• Increasingly, students are buying an "experience" instead of earning an education, and, in the competition to attract customers, that's what's colleges are selling.
  • a growing percentage of students are arriving at college without ever having written a research paper, read a novel, or taken an essay examination. And those students do not perceive that they have missed something in their education; after all, they have top grades. In that context, the demands of professors for different kinds of work can seem bewildering and unreasonable, and students naturally gravitate to courses with more-familiar expectations.
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  • Students increasingly are pressured to go to college not because they want to learn (much less become prepared for the duties of citizenship), but because they and their parents believe—perhaps rightly—that not going will exclude them from middle-class jobs.
  • At most universities, a student is likely to be unknown to the professor and would expect to feel like a nuisance, a distraction from more important work.
  • As academic expectations have decreased, social programming and extracurricular activities have expanded to fill more than the available time. That is particularly the case for residential students, for whom the possibility of social isolation is a source of great anxiety.
  • College has become unaffordable for most people without substantial loans; essentially they are mortgaging their future in the expectation of greater earnings. In order to reduce borrowing, more and more students leave class early or arrive late or neglect assignments, because they are working to provide money for tuition or living expenses.
  • As students' anxiety about the future increases, no amount of special pleading for general-education courses on history, literature, or philosophy—really anything that is not obviously job-related—will convince most students that they should take those courses seriously.
  • But at the major universities, most professors are too busy to care about individual students, and it is easy to become lost amid a sea of equally disenchanted undergraduates looking for some kind of purpose—and not finding it.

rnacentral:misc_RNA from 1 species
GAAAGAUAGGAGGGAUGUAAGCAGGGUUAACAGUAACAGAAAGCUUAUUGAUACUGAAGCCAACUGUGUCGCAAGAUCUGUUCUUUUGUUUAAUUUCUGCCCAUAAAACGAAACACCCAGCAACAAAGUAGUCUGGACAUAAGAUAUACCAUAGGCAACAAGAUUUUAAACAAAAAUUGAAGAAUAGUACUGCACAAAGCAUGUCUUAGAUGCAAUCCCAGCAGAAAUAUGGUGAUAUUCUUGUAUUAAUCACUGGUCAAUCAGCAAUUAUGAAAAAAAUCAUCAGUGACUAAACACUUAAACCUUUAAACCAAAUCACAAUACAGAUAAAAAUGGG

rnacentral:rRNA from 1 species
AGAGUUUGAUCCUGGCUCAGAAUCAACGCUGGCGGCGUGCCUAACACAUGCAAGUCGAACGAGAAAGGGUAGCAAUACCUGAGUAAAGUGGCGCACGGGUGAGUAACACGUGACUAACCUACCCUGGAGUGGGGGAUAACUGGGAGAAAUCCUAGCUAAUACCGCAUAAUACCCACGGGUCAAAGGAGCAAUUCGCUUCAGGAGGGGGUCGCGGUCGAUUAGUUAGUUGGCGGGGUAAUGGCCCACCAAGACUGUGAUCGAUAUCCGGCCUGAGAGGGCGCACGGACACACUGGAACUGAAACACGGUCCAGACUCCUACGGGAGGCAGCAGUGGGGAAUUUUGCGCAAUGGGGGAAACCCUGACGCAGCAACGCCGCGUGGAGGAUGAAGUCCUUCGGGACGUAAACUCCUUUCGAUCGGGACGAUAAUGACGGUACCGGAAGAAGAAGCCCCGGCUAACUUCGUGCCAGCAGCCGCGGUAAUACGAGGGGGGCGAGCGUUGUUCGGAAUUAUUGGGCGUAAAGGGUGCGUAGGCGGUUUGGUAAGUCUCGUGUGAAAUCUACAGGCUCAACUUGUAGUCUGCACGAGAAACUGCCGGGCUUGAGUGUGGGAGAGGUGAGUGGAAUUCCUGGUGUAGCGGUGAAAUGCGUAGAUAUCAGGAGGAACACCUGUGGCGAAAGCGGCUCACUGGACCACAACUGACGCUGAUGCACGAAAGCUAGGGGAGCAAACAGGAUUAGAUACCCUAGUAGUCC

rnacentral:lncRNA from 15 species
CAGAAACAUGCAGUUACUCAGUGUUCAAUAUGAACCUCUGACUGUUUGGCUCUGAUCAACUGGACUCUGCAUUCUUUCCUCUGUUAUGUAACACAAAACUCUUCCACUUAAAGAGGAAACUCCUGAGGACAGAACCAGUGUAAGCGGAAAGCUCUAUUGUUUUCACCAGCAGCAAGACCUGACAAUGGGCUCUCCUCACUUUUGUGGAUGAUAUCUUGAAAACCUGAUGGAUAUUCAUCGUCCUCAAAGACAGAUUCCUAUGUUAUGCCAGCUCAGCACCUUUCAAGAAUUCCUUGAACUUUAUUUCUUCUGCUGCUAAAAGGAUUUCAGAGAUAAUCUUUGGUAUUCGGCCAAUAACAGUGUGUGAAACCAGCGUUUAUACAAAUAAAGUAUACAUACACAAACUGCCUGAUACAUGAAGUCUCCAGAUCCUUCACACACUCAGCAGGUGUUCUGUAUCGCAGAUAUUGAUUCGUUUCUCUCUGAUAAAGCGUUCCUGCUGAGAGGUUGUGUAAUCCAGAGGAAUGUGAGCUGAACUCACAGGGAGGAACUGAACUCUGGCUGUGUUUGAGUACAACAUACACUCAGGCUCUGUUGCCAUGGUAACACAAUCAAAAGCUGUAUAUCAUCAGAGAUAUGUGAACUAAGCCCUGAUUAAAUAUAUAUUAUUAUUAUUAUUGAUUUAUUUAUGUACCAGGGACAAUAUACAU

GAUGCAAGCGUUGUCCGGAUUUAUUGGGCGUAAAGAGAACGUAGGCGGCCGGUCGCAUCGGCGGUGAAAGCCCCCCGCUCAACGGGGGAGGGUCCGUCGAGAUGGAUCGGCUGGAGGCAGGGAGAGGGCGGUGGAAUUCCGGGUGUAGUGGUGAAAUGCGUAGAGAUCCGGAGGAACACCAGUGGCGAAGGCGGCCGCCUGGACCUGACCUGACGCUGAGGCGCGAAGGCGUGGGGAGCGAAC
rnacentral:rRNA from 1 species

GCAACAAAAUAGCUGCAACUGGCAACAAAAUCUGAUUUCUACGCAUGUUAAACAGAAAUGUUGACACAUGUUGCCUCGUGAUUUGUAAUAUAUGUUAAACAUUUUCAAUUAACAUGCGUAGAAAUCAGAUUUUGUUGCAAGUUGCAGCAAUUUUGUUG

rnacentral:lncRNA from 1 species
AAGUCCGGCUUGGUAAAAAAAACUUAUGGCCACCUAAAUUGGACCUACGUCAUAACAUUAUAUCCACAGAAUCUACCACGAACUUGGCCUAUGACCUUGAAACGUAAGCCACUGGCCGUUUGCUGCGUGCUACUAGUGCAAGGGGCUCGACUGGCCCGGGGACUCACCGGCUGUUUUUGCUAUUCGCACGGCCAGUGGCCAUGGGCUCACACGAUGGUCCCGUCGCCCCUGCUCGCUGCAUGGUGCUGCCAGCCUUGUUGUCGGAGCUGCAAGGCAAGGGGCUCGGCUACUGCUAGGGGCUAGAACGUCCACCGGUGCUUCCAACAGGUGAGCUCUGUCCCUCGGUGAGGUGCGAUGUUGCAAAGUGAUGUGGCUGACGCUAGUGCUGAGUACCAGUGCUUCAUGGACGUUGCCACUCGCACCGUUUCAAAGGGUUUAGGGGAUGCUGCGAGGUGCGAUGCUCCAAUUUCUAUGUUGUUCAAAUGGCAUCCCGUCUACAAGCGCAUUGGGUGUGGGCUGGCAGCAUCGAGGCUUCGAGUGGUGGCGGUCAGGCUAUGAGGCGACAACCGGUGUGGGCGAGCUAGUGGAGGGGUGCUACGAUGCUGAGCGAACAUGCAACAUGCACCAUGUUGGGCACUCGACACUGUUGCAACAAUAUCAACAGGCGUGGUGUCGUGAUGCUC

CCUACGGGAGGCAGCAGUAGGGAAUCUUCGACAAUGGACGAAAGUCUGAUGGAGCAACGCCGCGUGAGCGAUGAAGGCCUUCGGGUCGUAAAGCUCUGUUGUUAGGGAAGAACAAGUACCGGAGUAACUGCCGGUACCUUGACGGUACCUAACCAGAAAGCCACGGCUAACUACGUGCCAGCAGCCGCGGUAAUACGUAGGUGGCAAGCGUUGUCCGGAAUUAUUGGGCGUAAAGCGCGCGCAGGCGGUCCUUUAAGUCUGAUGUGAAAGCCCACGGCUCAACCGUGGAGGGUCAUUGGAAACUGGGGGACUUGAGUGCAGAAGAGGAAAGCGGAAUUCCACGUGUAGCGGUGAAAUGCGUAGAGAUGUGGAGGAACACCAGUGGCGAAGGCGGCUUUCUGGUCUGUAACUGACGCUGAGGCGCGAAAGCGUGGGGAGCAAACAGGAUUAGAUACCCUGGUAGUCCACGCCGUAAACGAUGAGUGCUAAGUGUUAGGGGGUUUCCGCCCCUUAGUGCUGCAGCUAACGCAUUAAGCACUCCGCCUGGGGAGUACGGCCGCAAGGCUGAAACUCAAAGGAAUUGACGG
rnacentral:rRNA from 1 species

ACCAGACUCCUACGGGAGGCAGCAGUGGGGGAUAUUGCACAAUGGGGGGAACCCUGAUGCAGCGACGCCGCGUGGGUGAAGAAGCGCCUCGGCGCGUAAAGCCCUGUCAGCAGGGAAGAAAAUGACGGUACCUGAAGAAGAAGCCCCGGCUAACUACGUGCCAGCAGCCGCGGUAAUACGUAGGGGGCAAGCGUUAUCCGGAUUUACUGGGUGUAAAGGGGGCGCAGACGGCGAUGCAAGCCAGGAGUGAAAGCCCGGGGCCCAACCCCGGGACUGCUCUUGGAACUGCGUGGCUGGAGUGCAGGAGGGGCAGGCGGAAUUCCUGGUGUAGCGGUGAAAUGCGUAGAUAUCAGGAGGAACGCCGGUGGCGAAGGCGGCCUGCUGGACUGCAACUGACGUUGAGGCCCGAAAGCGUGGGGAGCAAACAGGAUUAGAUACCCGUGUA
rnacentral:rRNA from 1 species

• we need to make "rigorous and high-quality educational experiences a moral imperative."
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    ". . . we need to make 'rigorous and high-quality educational experiences a moral imperative.'"
Dean Whaley

iowaonlinelearning - Teaching Standards - 27 views

  • Creates a learning community that encourages collaboration and interaction, including student-teacher, student-student, and student-content (SREB D.2, Varvel VII.B, ITS 6.a)
    • Dean Whaley
       
      What I see in these is that many of these we should be doing already.
  • AEA PD Online Website HomeAbout UsFAQsCurrent InitiativesResearch & ResourcesInstructor ToolboxK-12 Online LearningProject OLLIE Current Projects • Transition Process• Marketing Plan• Job Descriptions guest · Join · Help · Sign In · Teaching StandardsProtected page Details and Tags Print Download PDF Backlinks Source Delete Rename Redirect Permissions Lock discussion (1) history notify me Details last edit by eabbey Mar 11, 2011 6:56 am - 26 revisions Tags none Iowa Online Teaching Standards Composed from Iowa Teaching Standards and Other Resources 1. Demonstrates ability to enhance academic performance and support for the agency's student achievement goals (ITS 1) • Knows and aligns instruction to the achievement goals of the local agency and the state, such as with the Iowa Core (Varvel I.A, ITS 1.f, ITS 3.a) • Continuously uses data to evaluate the accuracy and effectiveness of instructional strategies (SREB J.7, ITS 1.c) • Utilizes a course evaluation and student feedback data to improve the course (Varvel VI.F) • Provides and communicates evidence of learning and course data to students and colleagues (SREB J.6, ITS 1.a) 2. Demonstrates competence in content knowledge (including technological knowledge) appropriate to the instructional position (ITS 2) • Meets the professional teaching standards established by a state-licensing agency, or has the academic credentials in the field in which he or she is teaching (SREB A.1, Varvel II.A) • Knows the content of the subject to be taught and understands how to teach the content to students (SREB A.3, Varvel II.A, ITS 2.a) • Is knowledgeable and has the ability to use computer programs required in online education to improve learning and teaching, including course management software (CMS) and synchronous/asynchronous communication t